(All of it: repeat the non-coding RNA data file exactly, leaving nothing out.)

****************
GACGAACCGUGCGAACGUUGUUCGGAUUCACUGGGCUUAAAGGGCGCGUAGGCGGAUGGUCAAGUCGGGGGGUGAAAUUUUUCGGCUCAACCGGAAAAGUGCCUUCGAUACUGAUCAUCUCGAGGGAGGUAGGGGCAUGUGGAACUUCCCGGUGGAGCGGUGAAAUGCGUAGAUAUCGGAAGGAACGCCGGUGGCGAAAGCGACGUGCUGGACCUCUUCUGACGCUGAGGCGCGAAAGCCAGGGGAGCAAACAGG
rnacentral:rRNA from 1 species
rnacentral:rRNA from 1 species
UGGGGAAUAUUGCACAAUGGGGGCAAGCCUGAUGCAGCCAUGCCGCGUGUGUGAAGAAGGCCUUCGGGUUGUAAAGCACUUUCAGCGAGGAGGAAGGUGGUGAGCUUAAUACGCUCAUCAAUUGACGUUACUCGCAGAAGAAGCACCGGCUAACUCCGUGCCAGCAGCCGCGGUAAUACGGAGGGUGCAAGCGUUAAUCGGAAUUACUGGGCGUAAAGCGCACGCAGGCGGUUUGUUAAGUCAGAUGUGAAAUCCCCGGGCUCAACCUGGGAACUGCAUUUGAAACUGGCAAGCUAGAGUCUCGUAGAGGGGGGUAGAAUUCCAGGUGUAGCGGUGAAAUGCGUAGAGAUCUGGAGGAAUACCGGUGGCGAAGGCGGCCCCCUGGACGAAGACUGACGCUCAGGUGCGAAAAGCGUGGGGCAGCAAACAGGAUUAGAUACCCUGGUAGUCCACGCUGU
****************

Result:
GACGAACCGUGCGAACGUUGUUCGGAUUCACUGGGCUUAAAGGGCGCGUAGGCGGAUGGUCAAGUCGGGGGGUGAAAUUUUUCGGCUCAACCGGAAAAGUGCCUUCGAUACUGAUCAUCUCGAGGGAGGUAGGGGCAUGUGGAACUUCCCGGUGGAGCGGUGAAAUGCGUAGAUAUCGGAAGGAACGCCGGUGGCGAAAGCGACGUGCUGGACCUCUUCUGACGCUGAGGCGCGAAAGCCAGGGGAGCAAACAGG
rnacentral:rRNA from 1 species
rnacentral:rRNA from 1 species
UGGGGAAUAUUGCACAAUGGGGGCAAGCCUGAUGCAGCCAUGCCGCGUGUGUGAAGAAGGCCUUCGGGUUGUAAAGCACUUUCAGCGAGGAGGAAGGUGGUGAGCUUAAUACGCUCAUCAAUUGACGUUACUCGCAGAAGAAGCACCGGCUAACUCCGUGCCAGCAGCCGCGGUAAUACGGAGGGUGCAAGCGUUAAUCGGAAUUACUGGGCGUAAAGCGCACGCAGGCGGUUUGUUAAGUCAGAUGUGAAAUCCCCGGGCUCAACCUGGGAACUGCAUUUGAAACUGGCAAGCUAGAGUCUCGUAGAGGGGGGUAGAAUUCCAGGUGUAGCGGUGAAAUGCGUAGAGAUCUGGAGGAAUACCGGUGGCGAAGGCGGCCCCCUGGACGAAGACUGACGCUCAGGUGCGAAAAGCGUGGGGCAGCAAACAGGAUUAGAUACCCUGGUAGUCCACGCUGU